The account even links to a fake website,, that immediately redirects to a landing page on Greenpeace Canada’s site—where hoodwinked readers are just a click away from Greenpeace’s latest fundraising pitch.

Another funny thing: For an account that’s a couple of months old, it sure has a lot of followers.  Over 13,000, to be exact. And these are not exactly Greenpeace diehards, but a seemingly random assortment without any unifying traits or characteristics. In fact, the fake Walmart account is followed by fewer than a dozen Greenpeace or Greenpeace Canada followers. Let’s say that again: fewer than a dozen users follow both the Fake Walmart and Greenpeace accounts. It sure looks like Greenpeace purchased these followers, one of the hallmarks of  these fake accounts.

Despite the fake news disseminated by Greenpeace, posing as Walmart, the reality is that tuna is caught sustainably all over the world, everyday and the severely restrictive methods Greenpeace favors would actually greatly increase the carbon footprint of the industry. No amount of fake news can change that.

While Greenpeace surely justifies to donors its pioneering use of fake news to raise funds, let’s keep in mind who their brethren in the faux headlines business are; race baiters, hoaxers and political extremists. Wonder if Greenpeace will highlighted their new found friends in its annual report this year?

As Greenpeace gears up for another rank’n’spank  effort where it passes judgment on which canned tuna brands are supposedly the most and least sustainable (with no independent scientific input) watch out for another round of fake news from Greenpeace.

MSN Lifestyle Article Cans Up Some Alternative Facts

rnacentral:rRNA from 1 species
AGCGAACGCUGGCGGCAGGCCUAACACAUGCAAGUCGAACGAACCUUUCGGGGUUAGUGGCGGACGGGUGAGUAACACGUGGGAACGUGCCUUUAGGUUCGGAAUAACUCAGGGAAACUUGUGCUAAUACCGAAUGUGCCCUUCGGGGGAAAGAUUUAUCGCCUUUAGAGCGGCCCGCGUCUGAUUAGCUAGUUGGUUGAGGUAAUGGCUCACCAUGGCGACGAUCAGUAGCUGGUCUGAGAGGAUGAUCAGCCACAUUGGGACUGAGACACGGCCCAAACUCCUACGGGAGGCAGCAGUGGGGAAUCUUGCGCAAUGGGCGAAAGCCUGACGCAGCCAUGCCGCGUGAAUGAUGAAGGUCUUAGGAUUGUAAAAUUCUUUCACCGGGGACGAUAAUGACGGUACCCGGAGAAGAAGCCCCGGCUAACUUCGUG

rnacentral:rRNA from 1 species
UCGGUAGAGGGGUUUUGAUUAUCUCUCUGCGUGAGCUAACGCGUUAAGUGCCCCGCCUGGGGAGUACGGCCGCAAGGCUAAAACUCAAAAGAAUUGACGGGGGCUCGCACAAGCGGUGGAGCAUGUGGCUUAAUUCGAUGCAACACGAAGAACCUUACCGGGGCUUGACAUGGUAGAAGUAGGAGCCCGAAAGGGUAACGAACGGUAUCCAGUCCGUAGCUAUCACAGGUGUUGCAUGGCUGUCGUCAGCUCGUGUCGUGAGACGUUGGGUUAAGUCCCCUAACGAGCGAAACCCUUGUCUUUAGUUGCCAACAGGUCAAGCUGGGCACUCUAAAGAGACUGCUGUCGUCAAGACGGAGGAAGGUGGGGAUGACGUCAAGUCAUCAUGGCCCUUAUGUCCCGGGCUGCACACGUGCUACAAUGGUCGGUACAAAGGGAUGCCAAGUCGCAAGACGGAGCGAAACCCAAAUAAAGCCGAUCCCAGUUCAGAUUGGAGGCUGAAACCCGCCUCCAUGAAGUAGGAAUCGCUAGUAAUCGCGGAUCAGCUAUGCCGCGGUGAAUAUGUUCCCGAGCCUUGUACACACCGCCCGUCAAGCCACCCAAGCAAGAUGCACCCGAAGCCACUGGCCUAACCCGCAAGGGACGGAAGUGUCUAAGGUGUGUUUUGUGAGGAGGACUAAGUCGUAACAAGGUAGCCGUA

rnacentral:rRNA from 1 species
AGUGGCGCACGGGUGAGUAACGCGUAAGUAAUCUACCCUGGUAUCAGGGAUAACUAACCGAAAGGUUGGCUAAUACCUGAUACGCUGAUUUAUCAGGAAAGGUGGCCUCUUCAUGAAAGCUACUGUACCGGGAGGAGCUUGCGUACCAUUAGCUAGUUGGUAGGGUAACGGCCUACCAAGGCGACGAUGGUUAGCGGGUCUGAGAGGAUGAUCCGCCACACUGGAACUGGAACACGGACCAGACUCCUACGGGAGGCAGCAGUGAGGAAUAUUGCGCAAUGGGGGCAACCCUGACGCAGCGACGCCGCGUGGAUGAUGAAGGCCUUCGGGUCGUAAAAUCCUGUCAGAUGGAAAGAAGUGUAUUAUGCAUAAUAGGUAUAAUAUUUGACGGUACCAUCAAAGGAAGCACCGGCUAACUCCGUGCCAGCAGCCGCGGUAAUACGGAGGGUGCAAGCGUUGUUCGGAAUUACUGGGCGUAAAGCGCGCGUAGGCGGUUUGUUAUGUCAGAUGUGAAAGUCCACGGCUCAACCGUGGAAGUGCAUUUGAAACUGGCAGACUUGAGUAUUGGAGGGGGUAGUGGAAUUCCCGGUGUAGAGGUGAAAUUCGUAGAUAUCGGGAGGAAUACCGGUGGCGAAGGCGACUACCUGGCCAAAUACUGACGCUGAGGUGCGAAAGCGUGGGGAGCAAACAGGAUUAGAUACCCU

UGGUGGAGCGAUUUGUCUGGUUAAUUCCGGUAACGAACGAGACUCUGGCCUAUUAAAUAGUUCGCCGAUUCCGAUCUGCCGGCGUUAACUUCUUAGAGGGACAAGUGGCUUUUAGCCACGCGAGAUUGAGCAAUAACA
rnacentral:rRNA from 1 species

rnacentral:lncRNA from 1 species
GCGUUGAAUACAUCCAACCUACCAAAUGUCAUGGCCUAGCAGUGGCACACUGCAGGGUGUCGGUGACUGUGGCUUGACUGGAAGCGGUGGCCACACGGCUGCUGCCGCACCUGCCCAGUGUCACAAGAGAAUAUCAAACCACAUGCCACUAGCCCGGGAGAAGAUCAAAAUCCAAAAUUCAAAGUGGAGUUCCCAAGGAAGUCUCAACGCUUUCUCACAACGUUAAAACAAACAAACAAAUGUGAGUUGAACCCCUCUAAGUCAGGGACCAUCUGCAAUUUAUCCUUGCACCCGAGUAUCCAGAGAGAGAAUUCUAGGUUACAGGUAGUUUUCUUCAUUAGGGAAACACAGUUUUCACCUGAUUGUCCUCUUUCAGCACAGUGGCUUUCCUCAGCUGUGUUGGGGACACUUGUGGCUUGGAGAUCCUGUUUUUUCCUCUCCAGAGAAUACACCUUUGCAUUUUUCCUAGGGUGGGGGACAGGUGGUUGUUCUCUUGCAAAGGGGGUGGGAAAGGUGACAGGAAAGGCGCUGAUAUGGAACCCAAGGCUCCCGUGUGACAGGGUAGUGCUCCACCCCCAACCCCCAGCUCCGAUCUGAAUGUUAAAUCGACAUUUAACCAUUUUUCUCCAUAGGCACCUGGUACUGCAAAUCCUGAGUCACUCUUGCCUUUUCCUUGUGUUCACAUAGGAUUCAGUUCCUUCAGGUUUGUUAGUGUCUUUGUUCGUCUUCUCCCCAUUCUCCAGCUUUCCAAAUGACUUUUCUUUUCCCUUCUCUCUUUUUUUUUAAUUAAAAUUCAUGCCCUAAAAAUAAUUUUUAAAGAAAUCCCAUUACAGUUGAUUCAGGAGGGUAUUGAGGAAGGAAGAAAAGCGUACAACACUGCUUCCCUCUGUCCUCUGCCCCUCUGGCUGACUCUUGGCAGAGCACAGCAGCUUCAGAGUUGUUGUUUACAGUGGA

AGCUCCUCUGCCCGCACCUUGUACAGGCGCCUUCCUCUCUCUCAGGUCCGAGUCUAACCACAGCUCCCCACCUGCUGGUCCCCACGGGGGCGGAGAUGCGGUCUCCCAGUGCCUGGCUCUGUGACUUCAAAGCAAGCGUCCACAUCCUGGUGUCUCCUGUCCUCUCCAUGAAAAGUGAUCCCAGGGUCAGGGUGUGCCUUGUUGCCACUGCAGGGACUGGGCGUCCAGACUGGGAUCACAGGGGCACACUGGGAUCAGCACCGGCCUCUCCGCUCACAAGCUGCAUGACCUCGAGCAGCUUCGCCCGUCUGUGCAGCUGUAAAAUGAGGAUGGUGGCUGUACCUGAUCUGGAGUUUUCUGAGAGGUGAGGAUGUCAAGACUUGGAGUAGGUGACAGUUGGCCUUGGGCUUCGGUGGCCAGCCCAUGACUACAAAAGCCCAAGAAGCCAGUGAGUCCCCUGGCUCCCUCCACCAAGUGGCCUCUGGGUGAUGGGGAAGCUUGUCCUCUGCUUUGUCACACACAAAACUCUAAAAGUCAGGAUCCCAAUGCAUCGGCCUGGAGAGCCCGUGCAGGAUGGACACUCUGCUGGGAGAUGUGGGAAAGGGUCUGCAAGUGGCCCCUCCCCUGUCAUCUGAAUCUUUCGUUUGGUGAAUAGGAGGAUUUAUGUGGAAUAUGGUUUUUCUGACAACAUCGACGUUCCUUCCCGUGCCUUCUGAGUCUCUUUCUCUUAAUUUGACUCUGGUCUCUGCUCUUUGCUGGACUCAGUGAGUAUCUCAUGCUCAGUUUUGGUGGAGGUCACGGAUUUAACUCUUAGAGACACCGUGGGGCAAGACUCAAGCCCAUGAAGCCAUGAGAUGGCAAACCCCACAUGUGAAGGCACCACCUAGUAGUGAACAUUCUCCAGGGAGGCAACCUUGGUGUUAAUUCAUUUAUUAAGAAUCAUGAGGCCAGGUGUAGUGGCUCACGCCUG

MSN Lifestyle reporter Jessica Suss appears to be caught up in the new alternative facts movement. Her latest article on canned tuna claims in the headline that Research Suggests Canned Tuna Might Not Be Safe to Eat. However… um… yeah… that’s not what research suggests.

Jessica starts her reporting with this blanket statement, “It’s no secret that large-scale fishing operations are bad for the environment.” Really? Since we’re talking about tuna why don’t we look at the very latest in independent research that finds large-scale tuna operations are actually better for the environment than the practices promoted by eco-label initiatives? Maybe a little research into that sweeping claim would have been appropriate, but I digress.

Jessica then asserts that, “current research suggests you can safely eat two meals including canned tuna a week” and then tacks on that “some scientists disagree.”

Let’s look at the first part first. The latest published, peer-reviewed research on this topic comes from the Food and Drug Administration and its study on how much seafood pregnant women can eat. This research is called The Quantitative Assessment of the Net Effects on Fetal Neurodevelopment from Eating Commercial Fish. Perhaps worth a read by someone who is writing on research into seafood consumption.

The FDA’s research finds that pregnant women can eat 56 ounces of canned albacore tuna a week and 148 ounces of canned light tuna. That’s either 14 meals a week or 37 meals a week… not two. And these “limits” only apply to a very specific sub-population: pregnant women. No one else.

Now let’s look at the second part. Here’s where some creative editing and sourcing comes into play. Jessica says research suggests canned tuna might not be safe to eat and she finds a researcher who agrees. But where she finds that researcher is curious. Jessica links to a 2015 article that does in fact include the dissenting position that she advocates in her article but if you actually click on the link and read the article that’s not the narrative you find. In fact, the article finds 3 of 5 experts agree that tuna is safe to eat and concludes that the article is “your green light to go fish.” Not quite the way Jessica portrayed it.